Don’t Lose Your Momentum
Life is like a race track and you’re the race car. The most effective way around the race track is to wisely use your momentum, and be careful to not lose it. You never see a race car driver completely stop before a sharp corner. They go around the track using the car’s momentum as much as they can. One of the most difficult things in life is recovering from lost momentum. In spite of the many curve balls that came with the Covid-19 interruptions, don’t allow yourself to lose it until you get the results that you are seeking. Now is the time to assess where you are and take advantage of those things that you do well and make the necessary adjustments to maintain momentum as you move forward.
So how do you keep the momentum when you have started off well? How do you keep away the bad old habits of yesteryear and how do you motivate yourself to continue with the new good habits you have resolved to adopt? How do you maintain the stamina and pace as the path meanders with rocky twists and turns in the course of the year? How do you maintain a steadfast gaze towards the finish line when the track is no longer clear and the rays of the sun come into your eyes? How do you shield your body from the contrary winds and weather elements pelting against your body along the track? Is it possible to keep your pace when the crowd is not cheering you on and your opponents are hurling verbal and physical missiles towards you? Who do you turn to when you miss the direction arrows that point to the next lap in your marathon towards a significant life?
Momentum relates to the strength or force that allows something to continue or to grow stronger or faster as time passes. Sadly, sustaining success seems to be the great challenge of our generation. Every generation has taken on some great cause and left its mark on history. Is it possible that we can make the central focus of this generation the search for ways to build on past successes and increase momentum toward our desired outcomes? This is just as important for individuals and families as it is for organizations and for society as a whole. Why can we not set a goal to continually improve our results and maintain positive momentum throughout the year? Why can we not let go of the idea that we have to fall backward in order to climb higher? Why can we not steadily move up the mountain in our personal and professional lives? We need to believe that we have the resources for sustaining success that we can turn to over and over again. In doing so, we can successfully build on our earlier achievements and continually improve our performance and results.
Without a clear and compelling purpose for doing what you are doing in any aspect of your life it is unlikely that you will maintain the energy necessary to continually improve your results. The fundamental question you need to answer is, “Why am I doing what I am doing? What is the purpose behind my activity?” If you cannot find a compelling reason for doing what you are doing, you need to move on to an area that fits much better with your purpose. Your strengths and your passions are a big part of your engine for generating sustainable success. Be sure to be highly aware of what you are good at doing and what you are passionate about. Then spend as much of your time and your energy as you can, using your strengths and your passions to fulfil your purpose and drive better results.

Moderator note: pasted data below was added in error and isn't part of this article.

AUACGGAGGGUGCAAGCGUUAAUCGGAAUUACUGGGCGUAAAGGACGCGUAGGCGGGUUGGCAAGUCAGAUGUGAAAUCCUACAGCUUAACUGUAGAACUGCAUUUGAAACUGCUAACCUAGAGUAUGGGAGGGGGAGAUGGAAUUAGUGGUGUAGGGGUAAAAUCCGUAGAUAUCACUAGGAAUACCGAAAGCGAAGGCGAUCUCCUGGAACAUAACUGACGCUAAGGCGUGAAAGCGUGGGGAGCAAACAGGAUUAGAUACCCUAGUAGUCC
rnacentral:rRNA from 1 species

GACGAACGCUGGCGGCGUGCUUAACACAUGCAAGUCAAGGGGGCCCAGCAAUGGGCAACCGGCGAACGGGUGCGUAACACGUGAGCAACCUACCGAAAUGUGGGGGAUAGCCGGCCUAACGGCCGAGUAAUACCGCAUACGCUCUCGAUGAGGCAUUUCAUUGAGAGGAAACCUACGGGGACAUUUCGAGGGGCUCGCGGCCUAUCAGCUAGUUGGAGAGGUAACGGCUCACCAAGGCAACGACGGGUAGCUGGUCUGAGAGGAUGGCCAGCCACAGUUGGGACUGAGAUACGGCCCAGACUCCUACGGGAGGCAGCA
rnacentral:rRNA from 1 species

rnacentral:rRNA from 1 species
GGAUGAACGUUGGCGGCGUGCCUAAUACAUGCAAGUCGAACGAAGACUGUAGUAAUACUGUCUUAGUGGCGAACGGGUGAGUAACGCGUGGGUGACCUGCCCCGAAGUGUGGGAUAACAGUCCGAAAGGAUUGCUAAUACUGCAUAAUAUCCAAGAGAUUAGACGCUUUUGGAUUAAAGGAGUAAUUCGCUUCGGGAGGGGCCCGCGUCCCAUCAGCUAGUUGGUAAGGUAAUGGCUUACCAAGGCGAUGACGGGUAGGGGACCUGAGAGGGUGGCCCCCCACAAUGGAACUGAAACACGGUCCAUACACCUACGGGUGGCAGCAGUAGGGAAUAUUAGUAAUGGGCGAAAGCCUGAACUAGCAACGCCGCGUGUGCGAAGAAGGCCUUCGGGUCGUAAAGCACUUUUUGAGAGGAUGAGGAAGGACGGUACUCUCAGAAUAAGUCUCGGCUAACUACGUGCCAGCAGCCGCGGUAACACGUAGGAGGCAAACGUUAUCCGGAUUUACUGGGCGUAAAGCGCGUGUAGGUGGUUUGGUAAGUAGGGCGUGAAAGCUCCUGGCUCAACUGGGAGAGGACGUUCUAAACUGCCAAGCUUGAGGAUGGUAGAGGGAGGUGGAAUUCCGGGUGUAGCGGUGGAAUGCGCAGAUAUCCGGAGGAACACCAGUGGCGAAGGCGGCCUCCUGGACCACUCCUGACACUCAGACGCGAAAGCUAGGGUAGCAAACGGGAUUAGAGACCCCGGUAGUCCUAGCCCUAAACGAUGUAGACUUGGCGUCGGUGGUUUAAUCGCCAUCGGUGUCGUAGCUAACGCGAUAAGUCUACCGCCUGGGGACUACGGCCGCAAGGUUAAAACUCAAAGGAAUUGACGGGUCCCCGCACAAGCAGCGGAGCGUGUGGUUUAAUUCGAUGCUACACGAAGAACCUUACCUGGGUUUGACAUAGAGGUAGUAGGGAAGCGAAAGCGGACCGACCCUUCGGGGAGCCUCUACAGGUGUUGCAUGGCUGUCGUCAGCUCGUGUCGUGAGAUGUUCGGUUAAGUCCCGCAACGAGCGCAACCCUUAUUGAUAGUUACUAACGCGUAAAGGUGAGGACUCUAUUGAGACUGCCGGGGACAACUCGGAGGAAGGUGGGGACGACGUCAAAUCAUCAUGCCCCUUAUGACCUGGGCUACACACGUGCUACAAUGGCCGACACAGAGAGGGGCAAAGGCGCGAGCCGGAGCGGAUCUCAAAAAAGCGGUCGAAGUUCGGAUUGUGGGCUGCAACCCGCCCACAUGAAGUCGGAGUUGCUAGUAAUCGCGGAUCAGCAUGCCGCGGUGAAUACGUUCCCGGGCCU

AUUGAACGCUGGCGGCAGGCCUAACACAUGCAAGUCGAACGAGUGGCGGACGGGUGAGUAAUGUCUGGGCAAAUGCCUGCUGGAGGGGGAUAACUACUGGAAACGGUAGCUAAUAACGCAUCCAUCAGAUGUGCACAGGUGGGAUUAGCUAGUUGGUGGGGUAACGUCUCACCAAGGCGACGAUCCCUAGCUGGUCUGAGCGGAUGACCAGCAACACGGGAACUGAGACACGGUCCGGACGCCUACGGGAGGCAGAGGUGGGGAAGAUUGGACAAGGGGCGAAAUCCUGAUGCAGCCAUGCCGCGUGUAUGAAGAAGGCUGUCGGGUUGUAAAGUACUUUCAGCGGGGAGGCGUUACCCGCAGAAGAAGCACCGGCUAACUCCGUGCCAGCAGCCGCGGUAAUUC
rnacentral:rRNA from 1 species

To leverage momentum, I recommend that you use a physical calendar, where you mark off each day when you’ve done your most important task. After a few days you’ll have a chain. Just keep at it and the chain will grow longer every day. You’ll like seeing that chain, especially when you get a few weeks under your belt. Your only job next is to not break the chain.
By creating and riding on momentum, create a new behaviour pattern. The more momentum you have, the more things you get done. It’s like habit or success stacking, the energy of momentum always feeds on itself. This principle holds true in almost every pursuit — academics, business, relationships, self-improvement, etc. Actions create momentum, and momentum creates results.
Creating momentum in your life takes increasing the things that move you forward and decreasing those that hold you back. We have habits and repeat cycles to overcome. But by creating momentum, we can move past those and move toward the life we want. Momentum, by its nature, requires a lot of upfront push to get the ball rolling so you need to eliminate your energy drainers and recharge yourself continually.
When you lose momentum, you become vulnerable to distraction. If you have a goal, stay on it. If you let your foot of the gas pedal you are taking the risk of never achieving it. In the words of Toni Sorenson, I challenge you to make your life the masterpiece you want to paint, the novel you want to read, and the day you want to wake to. Here is to a powerful wrap up to a 2020 that is filled with purpose and significance in every area of your life!